This image of Ceres, taken by NASA's Dawn spacecraft, shows terrain in the southern hemisphere within the large crater called Yalode (160 miles, or 260 kilometers across). Many small-scale, linear troughs, in a variety of orientations, are apparent across this landscape.
The prominent crater at top-right is called Lono (12 miles, 20 kilometers wide). The crater directly below it is called Besua (11 miles, 17 kilometers wide).
The image is centered at approximately 44 degrees south latitude, 300 degrees east latitude. Dawn took this image from an altitude of 915 miles (1,470 kilometers) during the mission's High Altitude Mapping Orbit (HAMO) phase on Oct. 14, 2015. Image resolution is 450 feet (140 meters) per pixel.
Dawn's mission is managed by JPL for NASA's Science Mission Directorate in Washington. Dawn is a project of the directorate's Discovery Program, managed by NASA's Marshall Space Flight Center in Huntsville, Alabama. UCLA is responsible for overall Dawn mission science. Orbital ATK, Inc., in Dulles, Virginia, designed and built the spacecraft. The German Aerospace Center, the Max Planck Institute for Solar System Research, the Italian Space Agency and the Italian National Astrophysical Institute are international partners on the mission team. For a complete list of acknowledgments, see http://dawn.jpl.nasa.gov/mission .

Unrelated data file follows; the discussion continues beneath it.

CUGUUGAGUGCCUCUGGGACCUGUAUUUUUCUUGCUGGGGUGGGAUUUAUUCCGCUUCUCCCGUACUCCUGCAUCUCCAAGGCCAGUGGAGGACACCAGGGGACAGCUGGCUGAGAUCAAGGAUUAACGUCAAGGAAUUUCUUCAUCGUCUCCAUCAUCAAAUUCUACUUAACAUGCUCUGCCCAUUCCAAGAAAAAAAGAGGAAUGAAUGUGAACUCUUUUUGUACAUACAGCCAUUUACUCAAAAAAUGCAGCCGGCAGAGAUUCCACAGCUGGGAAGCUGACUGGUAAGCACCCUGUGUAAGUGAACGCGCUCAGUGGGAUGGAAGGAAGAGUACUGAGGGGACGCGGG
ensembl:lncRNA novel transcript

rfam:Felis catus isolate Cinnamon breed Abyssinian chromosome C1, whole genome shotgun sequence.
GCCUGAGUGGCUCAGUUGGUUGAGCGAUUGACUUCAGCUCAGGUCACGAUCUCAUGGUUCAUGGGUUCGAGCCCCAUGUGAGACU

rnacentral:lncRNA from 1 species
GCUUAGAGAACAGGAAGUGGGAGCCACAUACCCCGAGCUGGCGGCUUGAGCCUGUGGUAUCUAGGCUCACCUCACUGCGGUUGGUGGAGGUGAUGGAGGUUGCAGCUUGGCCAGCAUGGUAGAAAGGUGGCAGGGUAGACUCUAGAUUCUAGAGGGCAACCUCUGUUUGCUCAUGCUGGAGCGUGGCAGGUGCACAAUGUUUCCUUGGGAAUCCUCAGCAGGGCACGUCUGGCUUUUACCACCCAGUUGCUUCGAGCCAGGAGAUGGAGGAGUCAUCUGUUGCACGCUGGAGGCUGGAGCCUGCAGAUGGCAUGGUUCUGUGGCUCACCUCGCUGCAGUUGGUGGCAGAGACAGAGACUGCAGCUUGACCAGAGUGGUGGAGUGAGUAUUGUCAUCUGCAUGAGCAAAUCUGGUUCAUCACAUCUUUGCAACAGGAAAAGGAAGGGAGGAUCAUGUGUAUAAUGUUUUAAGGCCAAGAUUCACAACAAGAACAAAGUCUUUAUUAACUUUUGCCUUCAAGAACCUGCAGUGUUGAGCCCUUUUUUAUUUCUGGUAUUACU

For more information about the Dawn mission, visit http://dawn.jpl.nasa.gov .
|Target Type||Asteroid, Dwarf Planet|
|Extra Keywords||Crater, Grayscale|
|Date in Caption||2015-10-14|